Yom Kippur Evening 2014
Why is it that people are so quick to judge their neighbors but unwilling to focus the same moral lens upon themselves? When a public personality or an elected official makes a poor judgment or an unpopular decision, how fast do the media lead the charge to eviscerate that individual and, as is often the case, how often do we the public jump on the bandwagon and feed off the media spectacle that follows?
Now let’s think closer to home about how tolerant we are with our neighbors and friends about the errors we believe they commit in their relationship with us. Think about the person who we feel snubbed us at a party. How about the person who raised their voice to us and hurt our feelings? How about the time when a friend did not come through when we needed their help?
We have expectations about how others are supposed to act, and when they fail our standard don’t we end up putting ourselves in the position of judge and jury? Our responses range from anger or disappointment to ignoring, shunning and ultimately scorning them. Typically the drama that percolates inside us leads us to sharing our anger with anyone who will listen. How often do we see this trajectory of emotions?
Yet when it comes to our own lives, how fast are we to hold up ourselves to the same bar that we set up for others? Are we just as critical of our own actions as we are when we focus our righteous indignation towards others we feel have failed us? I would like to focus on these questions in terms of judging ourselves with equal rigor as we judge those around us. I do not believe it is a sin to judge others because it is human nature to be judgmental. But is it sinful behavior when we create a double standard for ourselves by judging others and not applying those standards to our own behavior?
I believe that the answer is yes, in three ways. Do we not by being exclusively judgmental of others lead to the sins of gossip and slanderous speech? Second, do we not damage our own reputation when others listen to us denigrate or criticize our neighbor? Third, would we not be better and wiser if we focused more on practicing forgiveness instead obsessing over how disappointed we are or how we can get revenge against the alleged offender? Judaism teaches us that holding up someone’s reputation and dignity is one of the most important things we can do to keep peace. Gossip, slander and bearing a grudge move us farther away from the best in ourselves.
The Hebrew word for gossip is rachilut. We will read the Torah and its admonition against gossip tomorrow afternoon from the book of Leviticus. Lo Telech k’rachil bamecha,” “Do not go about as a gossip amongst your people.” The root of this verb rachil to gossip means to peddle. In actuality, one who gossips is likened to a person who traffics in the commodity of information. Candidly isn’t this the one sin that all of us know is wrong and, yet, the same sin which most commit without regard to the consequences? This is so serious a sin that the Talmud tells a story of a student in the academy who held a secret for 22 years and then revealed it to his classmates. Upon hearing this revealed secret his teachers banished him immediately from the House of Study for the sinful behavior of gossip (Sanhedrin 31a).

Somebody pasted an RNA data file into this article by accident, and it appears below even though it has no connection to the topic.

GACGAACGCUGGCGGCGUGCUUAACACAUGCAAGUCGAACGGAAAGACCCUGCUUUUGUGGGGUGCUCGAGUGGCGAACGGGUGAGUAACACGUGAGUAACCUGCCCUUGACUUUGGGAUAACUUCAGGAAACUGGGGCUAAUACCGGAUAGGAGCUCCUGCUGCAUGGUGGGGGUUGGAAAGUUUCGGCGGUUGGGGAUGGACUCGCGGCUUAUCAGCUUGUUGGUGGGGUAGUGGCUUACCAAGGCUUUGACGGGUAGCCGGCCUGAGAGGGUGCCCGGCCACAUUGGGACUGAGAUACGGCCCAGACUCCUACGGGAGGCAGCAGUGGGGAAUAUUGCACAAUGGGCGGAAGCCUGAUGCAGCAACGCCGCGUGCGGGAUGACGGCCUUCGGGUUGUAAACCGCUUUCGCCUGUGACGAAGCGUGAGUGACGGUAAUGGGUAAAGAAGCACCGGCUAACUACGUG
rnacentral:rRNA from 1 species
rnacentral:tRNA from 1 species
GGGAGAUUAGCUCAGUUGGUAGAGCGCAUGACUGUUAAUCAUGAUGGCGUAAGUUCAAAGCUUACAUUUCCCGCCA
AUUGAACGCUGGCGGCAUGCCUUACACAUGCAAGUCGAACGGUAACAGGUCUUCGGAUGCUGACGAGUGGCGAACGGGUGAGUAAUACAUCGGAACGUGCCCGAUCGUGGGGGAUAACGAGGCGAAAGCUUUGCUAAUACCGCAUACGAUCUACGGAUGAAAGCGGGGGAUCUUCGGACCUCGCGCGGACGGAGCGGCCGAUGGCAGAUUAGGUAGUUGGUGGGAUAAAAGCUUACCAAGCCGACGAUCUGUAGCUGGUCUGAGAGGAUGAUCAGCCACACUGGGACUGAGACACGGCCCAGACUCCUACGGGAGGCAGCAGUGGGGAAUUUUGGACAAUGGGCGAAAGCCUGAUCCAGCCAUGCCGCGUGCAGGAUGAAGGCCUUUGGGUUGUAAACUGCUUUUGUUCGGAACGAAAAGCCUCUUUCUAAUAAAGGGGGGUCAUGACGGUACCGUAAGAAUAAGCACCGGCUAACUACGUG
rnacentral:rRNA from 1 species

Not only does our tradition declare gossip and slander as sins but also even listening to gossip and slander is a sin. The sages teach that when one is gossiping or slandering a person we are to interrupt the person and refuse to listen. Is it not one thing to judge a person we dislike or disrespect and keep our opinions to ourselves and quite another thing to go out and tell all how we feel , that is, how what so and so did hurt us or how it was shameful behavior so that everyone should know how bad a person they are? News media outlets exploit every opportunity to spread information sometimes completely unrelated to the problem a person is having. What happens when the media report is incorrect? How does one reestablish their reputation if it turns out the reported information was wrong? Similarly what is the difference between that kind of insidious news reporting and us talking about and embellishing or exaggerating what someone allegedly said at a party or in a committee meeting? The answer is not much! Do such people who peddle information fall under the admonition of Isaiah who said, “The way of peace they do not know; there is no justice in their paths. They have turned their pathways into crooked roads; no one who walks along them will no peace”(59:8).
The problem with gossip and slander is that the person committing it feels empowered by the attention that they receive. So, a person calls all their friends and tells them what happened, repeats and embellishes the story five to ten times, and never stops to think that what they are saying damages their own credibility as much as the reputation of the person they are talking about. The truth is that people are inherently judgmental about others. It becomes a problem when playing out a grudge means validating ourselves in a conflict situation that leads to gossiping and or slandering that person. This is the underlying meaning of the verse in Leviticus, “You shall not wrong him”(25:17).
I am sure we are all equally cognizant of how important maintaining a good name or reputation is in life. Jewish sources abound with teachings and maxims to reinforce the moral imperative to preserve one’s name and reputation by the way we treat others. Rabbi Simeon said, “There are three crowns; the crown of Torah, the crown of Priesthood and the crown of royalty. But the crown of a good name surpasses them all” (Pirke Avot 4:13). Rabbi Eliezer said, “Let the honor of your fellow be as dear to you as your own” (Pirke Avot 2:10).” Finally a sage Ben Azzai exclaimed, “Never say since I have been humiliated, let my neighbor who I am angry at be humiliated; since I have been cursed or abused by others then let my neighbor be cursed. For as Rabbi Tanhuma said, “If you act this way, realize who it is you are willing to have humiliated? - “the one whom God has created in his own image” (Genesis Rabbi 24:7).